If you want to get better at guitar and one day play classics like Led Zeppelin’s Stairway to Heaven - or the famous slow rock Still Loving You by Scorpions - you need to work on one guitar technique in particular: arpeggios.
But how do you get started? Are there guitar tutorials?
What are the basics you need to know before you start to learn guitar?
These things are essential for knowing how to play the guitar - for both rhythm guitar and for guitar solos, for music theory and for guitar practice.
What are Arpeggios?
Arpeggios are a basic guitar technique and one of the first things you should learn as you begin to play.
Lots of musicians use them, whether they’re playing rock, hard-rock (Slash), blues (Clapton) or jazz guitar.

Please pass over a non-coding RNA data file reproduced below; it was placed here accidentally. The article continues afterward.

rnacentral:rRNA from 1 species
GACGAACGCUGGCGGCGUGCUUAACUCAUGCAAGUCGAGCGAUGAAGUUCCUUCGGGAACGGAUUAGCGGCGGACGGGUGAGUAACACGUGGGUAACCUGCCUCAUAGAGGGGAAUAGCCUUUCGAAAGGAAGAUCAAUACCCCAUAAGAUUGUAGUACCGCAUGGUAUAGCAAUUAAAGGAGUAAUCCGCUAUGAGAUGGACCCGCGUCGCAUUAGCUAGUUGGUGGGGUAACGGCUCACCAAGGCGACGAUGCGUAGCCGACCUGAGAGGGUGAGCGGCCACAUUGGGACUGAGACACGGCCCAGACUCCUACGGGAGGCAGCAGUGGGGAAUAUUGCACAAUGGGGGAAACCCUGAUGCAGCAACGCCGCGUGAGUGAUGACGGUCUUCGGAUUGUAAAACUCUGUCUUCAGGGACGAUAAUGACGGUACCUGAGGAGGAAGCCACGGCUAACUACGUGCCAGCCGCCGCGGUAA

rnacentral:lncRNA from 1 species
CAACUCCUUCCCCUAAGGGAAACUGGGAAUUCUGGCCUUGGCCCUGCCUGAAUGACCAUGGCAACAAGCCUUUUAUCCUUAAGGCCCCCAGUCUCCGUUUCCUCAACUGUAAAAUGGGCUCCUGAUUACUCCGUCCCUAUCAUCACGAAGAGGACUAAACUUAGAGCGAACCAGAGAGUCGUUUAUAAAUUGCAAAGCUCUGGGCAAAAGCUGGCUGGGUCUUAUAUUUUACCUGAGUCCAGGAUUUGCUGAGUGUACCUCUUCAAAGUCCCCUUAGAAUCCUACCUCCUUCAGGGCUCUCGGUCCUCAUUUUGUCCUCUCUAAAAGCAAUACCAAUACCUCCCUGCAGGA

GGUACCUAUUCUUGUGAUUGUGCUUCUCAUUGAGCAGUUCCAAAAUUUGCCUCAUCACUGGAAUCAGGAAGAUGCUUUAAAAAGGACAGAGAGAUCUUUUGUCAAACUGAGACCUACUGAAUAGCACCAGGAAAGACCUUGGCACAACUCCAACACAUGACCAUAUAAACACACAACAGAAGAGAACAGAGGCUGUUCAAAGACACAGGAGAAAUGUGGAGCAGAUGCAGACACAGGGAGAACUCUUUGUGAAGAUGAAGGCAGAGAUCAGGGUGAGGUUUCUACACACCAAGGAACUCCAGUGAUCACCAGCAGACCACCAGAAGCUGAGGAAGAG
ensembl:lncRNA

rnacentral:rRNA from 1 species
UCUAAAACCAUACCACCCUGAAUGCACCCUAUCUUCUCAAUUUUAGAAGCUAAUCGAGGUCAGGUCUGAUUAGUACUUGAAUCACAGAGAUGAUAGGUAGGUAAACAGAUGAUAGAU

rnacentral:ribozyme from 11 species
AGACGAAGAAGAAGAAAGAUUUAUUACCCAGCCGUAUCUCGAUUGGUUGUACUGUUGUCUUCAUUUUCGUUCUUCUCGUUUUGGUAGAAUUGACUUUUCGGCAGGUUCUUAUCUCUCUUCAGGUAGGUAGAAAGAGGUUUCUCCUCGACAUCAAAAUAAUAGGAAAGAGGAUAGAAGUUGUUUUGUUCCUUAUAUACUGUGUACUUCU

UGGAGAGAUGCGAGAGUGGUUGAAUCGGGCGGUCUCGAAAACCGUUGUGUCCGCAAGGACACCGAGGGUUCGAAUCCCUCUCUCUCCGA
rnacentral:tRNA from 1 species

Arpeggios are one of those tools that are great for jamming and improvising, because they consist of taking the notes of a chord and playing them separately. So, rather than taking a guitar chord as played altogether, arpeggios all you to play the notes at different times.
Whilst this helps you to practice, and understand, your guitar chords, it's more than that too.
A Bit of Theory
Arpeggios are intimately linked to learning your guitar chords and they are often taught along with the chords themselves.
This is particularly true of music theory, in which you are tested, for ear training, on the sound of the major scale - say the C major - and the harmonic structure of the corresponding chord shapes. These arpeggios are the basis of many melodies - including those of your favorite songs - so they are worth learning.